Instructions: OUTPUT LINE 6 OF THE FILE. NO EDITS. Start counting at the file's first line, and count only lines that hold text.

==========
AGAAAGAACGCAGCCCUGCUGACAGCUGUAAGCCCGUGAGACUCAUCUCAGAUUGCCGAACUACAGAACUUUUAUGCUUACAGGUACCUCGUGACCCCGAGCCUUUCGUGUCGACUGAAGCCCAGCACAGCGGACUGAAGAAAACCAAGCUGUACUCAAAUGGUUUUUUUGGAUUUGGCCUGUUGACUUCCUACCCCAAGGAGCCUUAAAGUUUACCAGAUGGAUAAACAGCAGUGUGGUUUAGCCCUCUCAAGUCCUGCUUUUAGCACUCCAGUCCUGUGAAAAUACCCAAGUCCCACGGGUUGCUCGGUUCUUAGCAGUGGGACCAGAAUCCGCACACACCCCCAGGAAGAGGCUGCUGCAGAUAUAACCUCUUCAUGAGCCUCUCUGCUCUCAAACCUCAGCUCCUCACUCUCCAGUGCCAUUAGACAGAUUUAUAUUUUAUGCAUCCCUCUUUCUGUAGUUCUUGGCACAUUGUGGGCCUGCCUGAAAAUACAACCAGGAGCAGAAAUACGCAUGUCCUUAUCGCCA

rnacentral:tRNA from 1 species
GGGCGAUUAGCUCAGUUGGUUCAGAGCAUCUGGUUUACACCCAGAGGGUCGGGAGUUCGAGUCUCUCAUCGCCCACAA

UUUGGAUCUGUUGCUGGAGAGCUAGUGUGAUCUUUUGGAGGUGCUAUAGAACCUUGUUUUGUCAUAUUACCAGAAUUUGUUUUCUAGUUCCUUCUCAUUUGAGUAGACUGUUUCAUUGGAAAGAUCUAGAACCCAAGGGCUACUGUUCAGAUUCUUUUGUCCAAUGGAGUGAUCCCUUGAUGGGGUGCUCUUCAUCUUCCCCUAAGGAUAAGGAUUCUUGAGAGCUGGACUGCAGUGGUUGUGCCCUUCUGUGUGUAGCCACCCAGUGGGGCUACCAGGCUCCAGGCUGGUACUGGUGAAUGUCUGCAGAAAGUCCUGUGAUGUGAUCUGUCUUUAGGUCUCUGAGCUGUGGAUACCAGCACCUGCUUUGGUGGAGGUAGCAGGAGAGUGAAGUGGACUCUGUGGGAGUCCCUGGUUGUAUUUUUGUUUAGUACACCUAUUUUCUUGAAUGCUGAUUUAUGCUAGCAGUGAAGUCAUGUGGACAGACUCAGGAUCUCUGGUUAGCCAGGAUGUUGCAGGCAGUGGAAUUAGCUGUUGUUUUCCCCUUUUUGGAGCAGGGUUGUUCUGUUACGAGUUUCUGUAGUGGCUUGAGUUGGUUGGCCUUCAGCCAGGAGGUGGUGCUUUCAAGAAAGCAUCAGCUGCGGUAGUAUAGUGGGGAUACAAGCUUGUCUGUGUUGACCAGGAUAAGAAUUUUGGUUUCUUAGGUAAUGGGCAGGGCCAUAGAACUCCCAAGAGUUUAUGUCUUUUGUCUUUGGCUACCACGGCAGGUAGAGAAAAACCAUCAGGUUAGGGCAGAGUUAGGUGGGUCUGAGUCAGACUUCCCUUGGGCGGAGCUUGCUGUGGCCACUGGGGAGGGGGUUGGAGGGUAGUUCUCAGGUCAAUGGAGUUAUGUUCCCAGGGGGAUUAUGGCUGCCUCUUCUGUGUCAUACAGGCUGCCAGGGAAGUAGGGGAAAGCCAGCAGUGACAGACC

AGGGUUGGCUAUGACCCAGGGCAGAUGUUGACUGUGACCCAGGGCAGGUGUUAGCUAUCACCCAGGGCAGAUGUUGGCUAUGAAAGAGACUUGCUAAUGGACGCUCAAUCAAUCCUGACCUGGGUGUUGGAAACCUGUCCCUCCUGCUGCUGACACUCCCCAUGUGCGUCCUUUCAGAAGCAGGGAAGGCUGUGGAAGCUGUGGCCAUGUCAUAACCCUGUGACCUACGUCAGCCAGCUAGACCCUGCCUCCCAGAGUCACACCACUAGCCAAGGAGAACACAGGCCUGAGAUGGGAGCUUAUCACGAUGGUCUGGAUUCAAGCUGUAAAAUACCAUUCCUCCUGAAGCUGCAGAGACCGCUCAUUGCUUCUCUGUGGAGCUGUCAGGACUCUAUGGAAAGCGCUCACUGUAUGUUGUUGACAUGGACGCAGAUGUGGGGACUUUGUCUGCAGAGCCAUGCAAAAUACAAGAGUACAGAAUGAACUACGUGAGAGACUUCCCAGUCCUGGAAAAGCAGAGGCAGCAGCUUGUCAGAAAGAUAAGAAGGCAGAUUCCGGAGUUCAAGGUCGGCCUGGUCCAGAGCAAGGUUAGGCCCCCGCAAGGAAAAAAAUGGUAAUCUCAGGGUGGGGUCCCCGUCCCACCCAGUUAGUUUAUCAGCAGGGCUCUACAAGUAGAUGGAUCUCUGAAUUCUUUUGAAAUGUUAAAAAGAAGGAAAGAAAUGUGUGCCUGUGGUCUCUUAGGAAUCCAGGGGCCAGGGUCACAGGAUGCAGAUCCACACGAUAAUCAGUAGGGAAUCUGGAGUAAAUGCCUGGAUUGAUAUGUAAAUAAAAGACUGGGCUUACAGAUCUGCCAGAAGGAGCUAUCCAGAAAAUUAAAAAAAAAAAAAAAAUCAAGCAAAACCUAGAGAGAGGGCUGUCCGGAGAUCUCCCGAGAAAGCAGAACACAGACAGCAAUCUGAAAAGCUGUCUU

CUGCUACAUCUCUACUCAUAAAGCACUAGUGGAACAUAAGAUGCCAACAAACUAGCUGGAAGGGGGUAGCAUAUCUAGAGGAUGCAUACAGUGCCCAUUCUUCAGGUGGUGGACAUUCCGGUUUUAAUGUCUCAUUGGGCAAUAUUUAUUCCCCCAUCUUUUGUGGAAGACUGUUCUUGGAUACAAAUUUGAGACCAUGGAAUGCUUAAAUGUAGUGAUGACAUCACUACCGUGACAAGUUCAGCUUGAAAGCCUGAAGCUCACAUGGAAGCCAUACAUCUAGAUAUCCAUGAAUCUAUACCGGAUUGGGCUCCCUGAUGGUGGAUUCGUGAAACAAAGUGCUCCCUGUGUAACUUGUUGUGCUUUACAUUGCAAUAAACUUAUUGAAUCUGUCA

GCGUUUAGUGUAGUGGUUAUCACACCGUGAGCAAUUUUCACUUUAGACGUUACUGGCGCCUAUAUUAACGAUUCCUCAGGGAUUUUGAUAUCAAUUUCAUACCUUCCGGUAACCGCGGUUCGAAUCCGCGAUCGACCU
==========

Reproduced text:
CUGCUACAUCUCUACUCAUAAAGCACUAGUGGAACAUAAGAUGCCAACAAACUAGCUGGAAGGGGGUAGCAUAUCUAGAGGAUGCAUACAGUGCCCAUUCUUCAGGUGGUGGACAUUCCGGUUUUAAUGUCUCAUUGGGCAAUAUUUAUUCCCCCAUCUUUUGUGGAAGACUGUUCUUGGAUACAAAUUUGAGACCAUGGAAUGCUUAAAUGUAGUGAUGACAUCACUACCGUGACAAGUUCAGCUUGAAAGCCUGAAGCUCACAUGGAAGCCAUACAUCUAGAUAUCCAUGAAUCUAUACCGGAUUGGGCUCCCUGAUGGUGGAUUCGUGAAACAAAGUGCUCCCUGUGUAACUUGUUGUGCUUUACAUUGCAAUAAACUUAUUGAAUCUGUCA